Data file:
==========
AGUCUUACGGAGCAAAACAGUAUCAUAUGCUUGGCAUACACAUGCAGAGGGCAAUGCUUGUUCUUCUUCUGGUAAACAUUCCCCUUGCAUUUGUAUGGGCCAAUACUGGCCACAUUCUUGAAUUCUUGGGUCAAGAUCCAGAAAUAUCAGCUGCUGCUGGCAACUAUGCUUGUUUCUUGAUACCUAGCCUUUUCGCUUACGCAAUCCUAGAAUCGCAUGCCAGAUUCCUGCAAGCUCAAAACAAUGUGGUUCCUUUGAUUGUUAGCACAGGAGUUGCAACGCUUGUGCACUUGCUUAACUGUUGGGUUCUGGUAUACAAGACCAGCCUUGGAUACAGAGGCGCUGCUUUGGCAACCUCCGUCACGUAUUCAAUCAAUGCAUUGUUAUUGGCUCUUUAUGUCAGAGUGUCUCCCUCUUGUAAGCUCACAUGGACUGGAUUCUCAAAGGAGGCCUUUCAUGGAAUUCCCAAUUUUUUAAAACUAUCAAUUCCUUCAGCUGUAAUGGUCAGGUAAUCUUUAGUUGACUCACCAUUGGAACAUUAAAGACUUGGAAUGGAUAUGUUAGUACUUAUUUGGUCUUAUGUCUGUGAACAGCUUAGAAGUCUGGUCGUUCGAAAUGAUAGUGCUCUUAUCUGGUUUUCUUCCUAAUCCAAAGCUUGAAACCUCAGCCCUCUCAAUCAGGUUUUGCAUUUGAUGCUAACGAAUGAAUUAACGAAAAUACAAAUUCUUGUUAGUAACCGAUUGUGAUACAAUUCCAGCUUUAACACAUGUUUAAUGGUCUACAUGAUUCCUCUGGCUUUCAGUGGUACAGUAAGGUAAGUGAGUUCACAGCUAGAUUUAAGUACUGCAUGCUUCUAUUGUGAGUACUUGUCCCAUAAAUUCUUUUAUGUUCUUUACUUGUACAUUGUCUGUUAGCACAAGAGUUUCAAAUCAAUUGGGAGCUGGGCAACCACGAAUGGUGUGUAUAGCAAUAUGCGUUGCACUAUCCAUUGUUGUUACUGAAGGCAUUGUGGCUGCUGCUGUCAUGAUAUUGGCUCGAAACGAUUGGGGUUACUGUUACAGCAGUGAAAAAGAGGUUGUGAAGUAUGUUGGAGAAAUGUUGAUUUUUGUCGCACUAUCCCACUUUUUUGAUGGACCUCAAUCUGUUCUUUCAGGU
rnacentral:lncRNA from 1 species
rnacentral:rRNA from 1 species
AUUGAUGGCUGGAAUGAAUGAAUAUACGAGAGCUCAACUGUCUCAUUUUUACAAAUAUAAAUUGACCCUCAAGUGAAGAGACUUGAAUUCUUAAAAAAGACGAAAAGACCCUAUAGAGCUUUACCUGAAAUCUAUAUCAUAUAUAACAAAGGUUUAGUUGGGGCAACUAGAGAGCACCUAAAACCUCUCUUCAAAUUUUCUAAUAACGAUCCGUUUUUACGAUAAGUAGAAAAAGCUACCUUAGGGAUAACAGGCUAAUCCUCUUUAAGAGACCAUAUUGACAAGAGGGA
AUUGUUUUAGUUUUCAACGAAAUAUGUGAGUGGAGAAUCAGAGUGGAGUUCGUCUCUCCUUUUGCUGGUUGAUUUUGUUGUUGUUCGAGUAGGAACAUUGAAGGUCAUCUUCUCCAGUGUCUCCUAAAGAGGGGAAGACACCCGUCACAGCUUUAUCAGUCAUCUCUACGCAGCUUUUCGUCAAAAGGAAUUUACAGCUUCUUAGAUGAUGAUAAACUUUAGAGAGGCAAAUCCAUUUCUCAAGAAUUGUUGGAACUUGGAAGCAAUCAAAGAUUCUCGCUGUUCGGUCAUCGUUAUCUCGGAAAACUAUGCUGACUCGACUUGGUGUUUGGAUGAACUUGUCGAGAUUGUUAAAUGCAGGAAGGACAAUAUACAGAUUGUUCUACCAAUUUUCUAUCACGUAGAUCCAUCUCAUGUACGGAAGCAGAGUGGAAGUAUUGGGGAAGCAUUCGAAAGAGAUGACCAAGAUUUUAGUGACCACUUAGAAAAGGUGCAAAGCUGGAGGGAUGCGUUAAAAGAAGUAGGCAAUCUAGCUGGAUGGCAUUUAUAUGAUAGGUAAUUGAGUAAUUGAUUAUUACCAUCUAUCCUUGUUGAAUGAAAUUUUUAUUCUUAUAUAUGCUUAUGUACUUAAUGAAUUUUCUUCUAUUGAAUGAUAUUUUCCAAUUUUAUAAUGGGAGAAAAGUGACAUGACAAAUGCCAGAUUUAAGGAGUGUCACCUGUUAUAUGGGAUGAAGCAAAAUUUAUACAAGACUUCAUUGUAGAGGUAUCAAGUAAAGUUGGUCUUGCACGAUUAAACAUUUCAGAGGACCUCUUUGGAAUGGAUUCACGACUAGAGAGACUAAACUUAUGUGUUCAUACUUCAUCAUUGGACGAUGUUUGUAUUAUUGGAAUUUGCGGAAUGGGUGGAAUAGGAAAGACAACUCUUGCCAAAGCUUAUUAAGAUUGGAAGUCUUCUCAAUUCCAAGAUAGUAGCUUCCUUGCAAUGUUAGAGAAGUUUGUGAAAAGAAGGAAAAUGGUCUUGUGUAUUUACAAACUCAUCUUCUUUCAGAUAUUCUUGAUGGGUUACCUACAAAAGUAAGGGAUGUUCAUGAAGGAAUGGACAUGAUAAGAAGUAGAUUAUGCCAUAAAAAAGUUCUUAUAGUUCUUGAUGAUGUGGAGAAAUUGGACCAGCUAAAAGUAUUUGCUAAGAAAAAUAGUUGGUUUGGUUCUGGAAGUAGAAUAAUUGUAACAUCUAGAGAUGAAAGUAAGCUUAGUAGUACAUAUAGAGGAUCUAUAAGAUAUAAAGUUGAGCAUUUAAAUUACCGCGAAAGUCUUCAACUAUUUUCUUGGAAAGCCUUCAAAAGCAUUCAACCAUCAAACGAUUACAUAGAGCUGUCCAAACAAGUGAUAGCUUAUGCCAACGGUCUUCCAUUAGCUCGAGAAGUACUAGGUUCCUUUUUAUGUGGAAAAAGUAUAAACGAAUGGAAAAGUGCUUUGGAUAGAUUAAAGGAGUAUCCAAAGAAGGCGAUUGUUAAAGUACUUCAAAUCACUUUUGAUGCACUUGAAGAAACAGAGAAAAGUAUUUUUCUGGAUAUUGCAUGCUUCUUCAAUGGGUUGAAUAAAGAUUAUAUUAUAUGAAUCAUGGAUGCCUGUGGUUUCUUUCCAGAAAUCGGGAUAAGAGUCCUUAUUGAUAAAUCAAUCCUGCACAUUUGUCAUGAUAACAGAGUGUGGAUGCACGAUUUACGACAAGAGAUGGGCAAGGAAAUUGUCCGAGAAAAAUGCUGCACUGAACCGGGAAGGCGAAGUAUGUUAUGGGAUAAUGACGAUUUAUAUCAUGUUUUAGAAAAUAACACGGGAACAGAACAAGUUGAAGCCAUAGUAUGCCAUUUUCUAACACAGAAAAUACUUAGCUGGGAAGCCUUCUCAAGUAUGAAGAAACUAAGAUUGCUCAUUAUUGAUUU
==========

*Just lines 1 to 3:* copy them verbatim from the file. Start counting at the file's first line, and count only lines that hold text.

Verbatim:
AGUCUUACGGAGCAAAACAGUAUCAUAUGCUUGGCAUACACAUGCAGAGGGCAAUGCUUGUUCUUCUUCUGGUAAACAUUCCCCUUGCAUUUGUAUGGGCCAAUACUGGCCACAUUCUUGAAUUCUUGGGUCAAGAUCCAGAAAUAUCAGCUGCUGCUGGCAACUAUGCUUGUUUCUUGAUACCUAGCCUUUUCGCUUACGCAAUCCUAGAAUCGCAUGCCAGAUUCCUGCAAGCUCAAAACAAUGUGGUUCCUUUGAUUGUUAGCACAGGAGUUGCAACGCUUGUGCACUUGCUUAACUGUUGGGUUCUGGUAUACAAGACCAGCCUUGGAUACAGAGGCGCUGCUUUGGCAACCUCCGUCACGUAUUCAAUCAAUGCAUUGUUAUUGGCUCUUUAUGUCAGAGUGUCUCCCUCUUGUAAGCUCACAUGGACUGGAUUCUCAAAGGAGGCCUUUCAUGGAAUUCCCAAUUUUUUAAAACUAUCAAUUCCUUCAGCUGUAAUGGUCAGGUAAUCUUUAGUUGACUCACCAUUGGAACAUUAAAGACUUGGAAUGGAUAUGUUAGUACUUAUUUGGUCUUAUGUCUGUGAACAGCUUAGAAGUCUGGUCGUUCGAAAUGAUAGUGCUCUUAUCUGGUUUUCUUCCUAAUCCAAAGCUUGAAACCUCAGCCCUCUCAAUCAGGUUUUGCAUUUGAUGCUAACGAAUGAAUUAACGAAAAUACAAAUUCUUGUUAGUAACCGAUUGUGAUACAAUUCCAGCUUUAACACAUGUUUAAUGGUCUACAUGAUUCCUCUGGCUUUCAGUGGUACAGUAAGGUAAGUGAGUUCACAGCUAGAUUUAAGUACUGCAUGCUUCUAUUGUGAGUACUUGUCCCAUAAAUUCUUUUAUGUUCUUUACUUGUACAUUGUCUGUUAGCACAAGAGUUUCAAAUCAAUUGGGAGCUGGGCAACCACGAAUGGUGUGUAUAGCAAUAUGCGUUGCACUAUCCAUUGUUGUUACUGAAGGCAUUGUGGCUGCUGCUGUCAUGAUAUUGGCUCGAAACGAUUGGGGUUACUGUUACAGCAGUGAAAAAGAGGUUGUGAAGUAUGUUGGAGAAAUGUUGAUUUUUGUCGCACUAUCCCACUUUUUUGAUGGACCUCAAUCUGUUCUUUCAGGU
rnacentral:lncRNA from 1 species
rnacentral:rRNA from 1 species